Drift of Cell Function Through Serial Divisions

The classical experiments of Meselson and Stahl showing that the synthesis of DNA is semiconservative led to the belief that at each division each daughter cell receives the same kind of genetic information and hence that both sister cells are identical. However, when one follows a cell population during serial proliferation in vitro different parameters show that the cell functions evolve in many respects.

Human fibroblasts proliferating in vitro were extensively analyzed in this respect since they are used for the study of aging at the cellular level. During serial replications they are known to go through three phases (Hayflick and Moorhead 1961): phase I is suggested from the initial rise in the saturation densities and the morphological observations showing the appearance of a homogeneous population, phase II can be defined as the period where the fraction of non-dividing cells is relatively constant, phase

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Progress in Molecular and Subcellular Biology Alvaro Macieira-Coelho (Ed.) Asymmetric Cell Division © Springer-Verlag Berlin Heidelberg 2007

III is characterized by the slight increase in the number of cells which do not divide during a 24-h period and by the prolongation of the population doubling time. The existence of a final phase IV was later characterized (Macieira-Coelho and Taboury 1982) corresponding to the last three or four doublings with a rapid fall of the maximal cell density and of the fraction of cells synthesizing DNA during a 24-h period; the cells enter a very slow dividing state and eventually become post-mitotic (Fig. 1). Several metabolic events occur during the last three to four doublings, which support the idea of a final phase with distinct characteristics (Macieira-Coelho 1988).

It is obvious from the evolution of the kinetics of proliferation that something must take place during cell division, which progressively changes the cells and finally creates the conditions for the final abrupt steps.

Morphological observations also lead to the conclusion that there is a drift through cell division. There is an increase in cell, nuclear and nucleolar areas (Mitsui and Schneider 1976; Bemiller and Miller 1979); moreover, three types of fibroblasts can be distinguished, I, II and III, with an increasing volume with a shift to the larger volume during the cell population life span (Steinhardt 1985). At the end there is a sudden shift to a large type IV cell (Fig. 2) (Macieira-Coelho 1983) with a significant reorganization of the cytoskeleton and decreased motility (Raes et al. 1983).

Several enzymatic changes have been reported during serial proliferation of human fibroblasts. There is a decline in the ratio between the activities of two enzymes of the purine salvage pathway, hypoxanthine-guanine trans-ferase and adenine-phosphoribosyltransferase (Paz et al. 1981), a decline in ribonucleotide reductase (Dick and Wright 1985), and a progressive increase in the levels of the second enzyme of the pathway for de novo purine biosynthesis, glycinamide ribonucleotide synthetase (Hards and Patterson 1986).

Fig. 1. Maximal cell densities recorded before each cell subcultivation during the entire life span of a human embryonic lung fibroblast line. Each dot corresponds to a cell count from a different culture vessel. The population doublings corresponding to Phases I, II, III and IV are indicated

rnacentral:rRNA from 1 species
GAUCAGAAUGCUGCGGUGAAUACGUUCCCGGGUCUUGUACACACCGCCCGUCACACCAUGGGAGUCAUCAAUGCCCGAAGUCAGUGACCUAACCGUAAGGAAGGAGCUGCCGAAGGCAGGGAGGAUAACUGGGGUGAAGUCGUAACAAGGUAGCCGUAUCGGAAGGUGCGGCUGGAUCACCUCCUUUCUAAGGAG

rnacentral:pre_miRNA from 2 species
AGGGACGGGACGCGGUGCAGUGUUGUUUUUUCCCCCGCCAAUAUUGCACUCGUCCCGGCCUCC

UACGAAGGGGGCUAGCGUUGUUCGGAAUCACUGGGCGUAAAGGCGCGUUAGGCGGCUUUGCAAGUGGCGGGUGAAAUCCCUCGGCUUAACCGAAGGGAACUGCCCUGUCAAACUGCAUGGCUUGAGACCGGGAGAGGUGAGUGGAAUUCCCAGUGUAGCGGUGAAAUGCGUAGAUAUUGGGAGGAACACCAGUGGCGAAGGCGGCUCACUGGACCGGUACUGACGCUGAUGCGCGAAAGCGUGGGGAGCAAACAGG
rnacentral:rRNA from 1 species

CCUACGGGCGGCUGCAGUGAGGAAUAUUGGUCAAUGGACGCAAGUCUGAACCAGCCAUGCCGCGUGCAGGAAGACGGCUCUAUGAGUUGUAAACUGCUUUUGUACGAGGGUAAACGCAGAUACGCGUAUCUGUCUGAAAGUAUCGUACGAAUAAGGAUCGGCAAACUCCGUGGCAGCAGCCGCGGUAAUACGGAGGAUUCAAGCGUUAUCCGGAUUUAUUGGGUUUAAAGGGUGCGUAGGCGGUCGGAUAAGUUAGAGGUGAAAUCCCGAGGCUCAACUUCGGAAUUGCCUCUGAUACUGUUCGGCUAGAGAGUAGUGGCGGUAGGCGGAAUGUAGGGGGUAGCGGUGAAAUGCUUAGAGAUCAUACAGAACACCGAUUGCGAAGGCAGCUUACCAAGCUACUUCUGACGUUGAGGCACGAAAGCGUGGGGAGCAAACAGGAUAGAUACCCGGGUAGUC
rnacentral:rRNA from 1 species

Fig. 2. A,B Morphology of the same cells used for the experiment illustrated in Fig. 3, in: A phase II; B phase IV

Another interesting enzymatic alteration is the progressive appearance of a new 3':5'-cyclic AMP-independent histone kinase, raising the possibility that new genes become progressively activated (Kahn et al. 1982).

Changes in glycolysis seem related to the kinetics of proliferation. Between population doubling 20 and 40 glucose uptake and lactate production decrease, thereafter both glucose uptake and lactate production increase (Bittles and Harper 1984); the critical change in the biphasic curve of glucose uptake/lactate production corresponds to the transition from phase II to phase III. The same investigators also observed an increase in the specific activity of piruvate kinase, a regulatory enzyme of the glycolytic pathway.

The relative proportion of cyclin decreases progressively (Celis and Bravo 1984), and during the second half of cell population life span the responsiveness to EGF decreases corresponding to the transition between phases II and III (Kaji and Matsuo 1983).

Progressive modifications of the cell surface became apparent with the reported decline in the negative surface charge and in the activity of a pH 7.8 protease (Bosmann et al. 1976), the increase of albumin transport (Berumen and Macieira-Coelho 1977), and the decrease of the binding, uptake and degradation of low density lipoproteins due to a reduction in the number of receptor sites (Lee et al. 1982).

Several data point to genetic modifications. There is an increased heterogeneity in DNA repeat lengths (Dell'Orco et al. 1986) and decreased hybridization of the probes for the a-globin and P-actin genes (Icard-Liepkalns et al. 1986). The mutation frequencies for diphtheria toxin and thioguanine resistance increase linearly during the first 2/3 of the life span of a human fibroblast population (Gupta 1980). The expression of the EPC-1 (early population doubling cDNA-1) gene declines gradually during the fibroblast proliferation life span (Pignolo et al. 1993). Furthermore, the activity of p53, a positive transactivator of p21 gene expression, was found to increase in a stepwise fashion through the different phases (Bond et al. 1996).

Other modifications occurring during the proliferation life span of human fibroblasts have been reviewed elsewhere (Macieira-Coelho 1988).

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